bedrest.

Being pregnant was a pain in the ass.

And I wasn’t even the pregnant one.

The summer of 1995 was hot.  Blistering hot.  A quick internet search shows that the summer of ’95 was the eighth hottest on record in the Northeast, and the sixth hottest in New York.  In Baltimore, they had a string of 25 consecutive days where the temperature was 90 degrees or more.  On July 4th, temperature records were set for Atlantic City and New York.  The entire Northeast was in the midst of a severe drought that left lawns yellow and the Jersey Shore packed with weekend visitors, looking to escape the heat and get into the water.

In the middle of this, Sandy was big and bulbous, carrying around a kid.  She was uncomfortable and miserable and grouchy, and didn’t want to go anywhere because it was so damn hot.  Meanwhile we were shopping for a house, trying to learn how to become parents to an infant, and looking for whatever would be our next record to release.

Really, all we had was the Yankees, who were having a great season.

At some point in July, Sandy started having contractions.  I don’t recall any of the specifics, only that we were due in early September and this was way too early.  It’s like I’ve blocked out the details and only remember the key points.

We rode to the hospital on pins and needles – we hadn’t even picked out a pediatrician yet, and had no idea what was about to happen.

I don’t really recall how the whole thing shook out – whether we went back to the hospital twice, whether Sandy had to take any sort of medication, I just don’t remember it.  It’s all like a big blur to me.

All I remember was the end result:  Sandy was going to have to go out on maternity leave early, and had to go on nearly 100% bed rest until we got closer to the due date.

In bed.  All day.  In the middle of the hottest fucking summer on earth.

We had a window air conditioning unit, but that barely kept our bedroom cool.  The door had to be closed, which shut off the bedroom from the rest of the apartment.  Essentially, Sandy went into exile in July of 1995.  I would leave for work in the morning, get Sandy some tea or decaf before I left, and she would sit in bed all day.  Then I’d come home, most days make dinner (she’d sneak out of bed a few times a day, but usually I’d yell when she did), and then sit in the bedroom with her.  Which is the most boring fucking thing I can envision my 20-something year old self doing.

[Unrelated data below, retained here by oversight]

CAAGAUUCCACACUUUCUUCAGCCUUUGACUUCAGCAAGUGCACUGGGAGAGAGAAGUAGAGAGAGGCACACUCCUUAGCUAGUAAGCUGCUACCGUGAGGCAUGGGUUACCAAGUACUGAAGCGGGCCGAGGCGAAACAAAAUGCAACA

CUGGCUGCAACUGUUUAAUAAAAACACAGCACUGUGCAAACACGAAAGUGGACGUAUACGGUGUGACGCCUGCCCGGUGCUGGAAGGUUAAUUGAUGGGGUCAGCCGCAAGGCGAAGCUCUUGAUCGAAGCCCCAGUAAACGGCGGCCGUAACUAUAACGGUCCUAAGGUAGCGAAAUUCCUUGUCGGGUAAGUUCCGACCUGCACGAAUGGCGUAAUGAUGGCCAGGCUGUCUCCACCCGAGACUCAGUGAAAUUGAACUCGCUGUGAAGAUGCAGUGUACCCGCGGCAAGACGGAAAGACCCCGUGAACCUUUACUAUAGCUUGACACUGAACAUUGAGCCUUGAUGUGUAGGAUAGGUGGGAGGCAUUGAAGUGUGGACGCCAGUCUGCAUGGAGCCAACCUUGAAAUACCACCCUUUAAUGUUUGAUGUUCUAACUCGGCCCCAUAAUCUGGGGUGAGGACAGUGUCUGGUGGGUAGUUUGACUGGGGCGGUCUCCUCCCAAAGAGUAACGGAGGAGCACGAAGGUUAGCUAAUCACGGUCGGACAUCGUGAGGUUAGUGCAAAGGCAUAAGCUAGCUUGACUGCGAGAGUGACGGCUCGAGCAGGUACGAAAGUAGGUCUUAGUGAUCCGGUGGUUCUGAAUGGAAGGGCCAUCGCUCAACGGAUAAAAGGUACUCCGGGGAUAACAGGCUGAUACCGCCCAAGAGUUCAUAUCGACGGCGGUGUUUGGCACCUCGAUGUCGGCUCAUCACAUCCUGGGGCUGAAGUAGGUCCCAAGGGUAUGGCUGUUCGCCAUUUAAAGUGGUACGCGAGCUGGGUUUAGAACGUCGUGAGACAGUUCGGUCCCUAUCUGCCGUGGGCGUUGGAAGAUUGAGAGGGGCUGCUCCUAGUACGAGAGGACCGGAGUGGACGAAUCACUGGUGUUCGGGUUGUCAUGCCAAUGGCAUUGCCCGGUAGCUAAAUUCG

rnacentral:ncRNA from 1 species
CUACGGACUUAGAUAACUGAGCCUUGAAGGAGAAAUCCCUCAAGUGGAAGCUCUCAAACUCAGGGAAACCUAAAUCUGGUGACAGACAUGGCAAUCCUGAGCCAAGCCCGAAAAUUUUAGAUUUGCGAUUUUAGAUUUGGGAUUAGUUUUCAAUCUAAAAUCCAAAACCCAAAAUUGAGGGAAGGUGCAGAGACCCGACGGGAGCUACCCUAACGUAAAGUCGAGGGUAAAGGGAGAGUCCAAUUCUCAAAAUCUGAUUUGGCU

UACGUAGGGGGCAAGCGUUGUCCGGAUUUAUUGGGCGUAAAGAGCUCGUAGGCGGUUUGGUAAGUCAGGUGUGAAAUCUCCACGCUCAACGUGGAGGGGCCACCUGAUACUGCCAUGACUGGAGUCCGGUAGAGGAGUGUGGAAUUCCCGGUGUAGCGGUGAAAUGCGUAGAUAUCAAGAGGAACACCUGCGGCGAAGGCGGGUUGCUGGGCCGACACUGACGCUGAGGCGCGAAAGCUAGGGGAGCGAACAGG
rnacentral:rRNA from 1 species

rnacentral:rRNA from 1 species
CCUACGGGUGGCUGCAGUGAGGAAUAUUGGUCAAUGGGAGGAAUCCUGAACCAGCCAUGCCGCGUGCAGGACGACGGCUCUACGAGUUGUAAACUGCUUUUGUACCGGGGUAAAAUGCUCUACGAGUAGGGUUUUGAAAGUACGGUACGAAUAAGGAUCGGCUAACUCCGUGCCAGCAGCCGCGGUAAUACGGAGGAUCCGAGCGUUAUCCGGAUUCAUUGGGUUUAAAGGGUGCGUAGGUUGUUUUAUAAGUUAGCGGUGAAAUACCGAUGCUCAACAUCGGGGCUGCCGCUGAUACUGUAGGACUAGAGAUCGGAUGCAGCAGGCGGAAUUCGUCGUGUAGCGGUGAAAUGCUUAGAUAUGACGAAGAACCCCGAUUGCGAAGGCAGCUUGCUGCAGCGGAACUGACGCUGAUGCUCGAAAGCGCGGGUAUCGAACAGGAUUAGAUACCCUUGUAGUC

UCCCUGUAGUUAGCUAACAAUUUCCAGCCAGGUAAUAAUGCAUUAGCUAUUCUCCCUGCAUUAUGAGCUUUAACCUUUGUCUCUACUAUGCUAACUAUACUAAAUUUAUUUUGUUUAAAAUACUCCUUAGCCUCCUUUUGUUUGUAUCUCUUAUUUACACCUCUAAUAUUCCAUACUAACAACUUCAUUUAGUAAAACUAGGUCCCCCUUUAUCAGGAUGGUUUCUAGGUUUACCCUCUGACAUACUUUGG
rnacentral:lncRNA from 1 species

Mostly, Dromedary disappeared in July, save for the occasional phone call, demo tape, or email.  I had to skate by, doing the bare minimum, which was frustrating to me.

But the whole thing was also, on some level, pretty scary.  I wasn’t ready to have a baby, by any means.  A really tiny, two months premature one?  And what if there were some sort of complications with Sandy?

It got to the point where any time Sandy was in an upright position, I was yelling at her.  I couldn’t bear the thought of her risking her health, or risking a two month premature baby.

Meanwhile, we were still looking at houses.  Or, at least, I was.  The deal was simple: I’d go out with Angie, and if I found anything I really liked, we’d make another appointment and bring Sandy to look at it.

And eventually, in mid-July, that’s exactly what happened.

Angie called one afternoon and said “There’s a house in Boonton that’s about to come on the market, and it’s going to sell right away.  It’s perfect for you.  I need to come and get you right now.”

“I can’t,” I said.  I don’t remember what I was doing, but I couldn’t do it.  Maybe I was just frustrated with the process; it would be just like me to make up some excuse as to why I couldn’t make it when I was too frustrated to bother.

“Well don’t be surprised if the house isn’t there when you can finally go.”

The house was on the market for four days by the time I got to see it.  It was on a very short, private road, just a few blocks from the apartment where we lived – but the neighborhood was so nice, it may as well have been on another planet.

It was a small Cape Cod with about a quarter acre of property.  It had a nice front and back yard, well-maintained with some overgrown shrubs around the house.  It had a small driveway and a detached, one-car garage.

Inside on the first floor was a three-season porch, a decent-sized kitchen, a full bathroom, a living room, a bedroom and another bedroom that had been converted into a dining room.  On the second floor were two more bedrooms and another full bath.  There was a full, partially finished basement.

The original owner was living in the house.  He was an older man, and his wife had passed away a year prior.  He had build the house with her, lived there for nearly 50 years, and wanted to get out before the first anniversary of her passing.  He cried when I came to look at the house.

After looking at the house, Angie and I drove right home and got Sandy.  She took a look at the house and agreed – this was the place.

It was even nicer than the Denville house.  There were opportunities to improve the place, but it was essentially in move-in condition (save for some upgrades that would be needed in the kitchen and bathrooms).  But the owner wanted to close quickly and get out, and we could move into a cozy little house in a quiet, well-kept neighborhood within a reasonable time frame of having the baby.

We made an offer, he accepted.  I drove to the house that evening and formalized the offer, left a deposit, and scheduled a closing date of August 31.

It was that simple.  We bought a house.

~ by Al on September 4, 2009.

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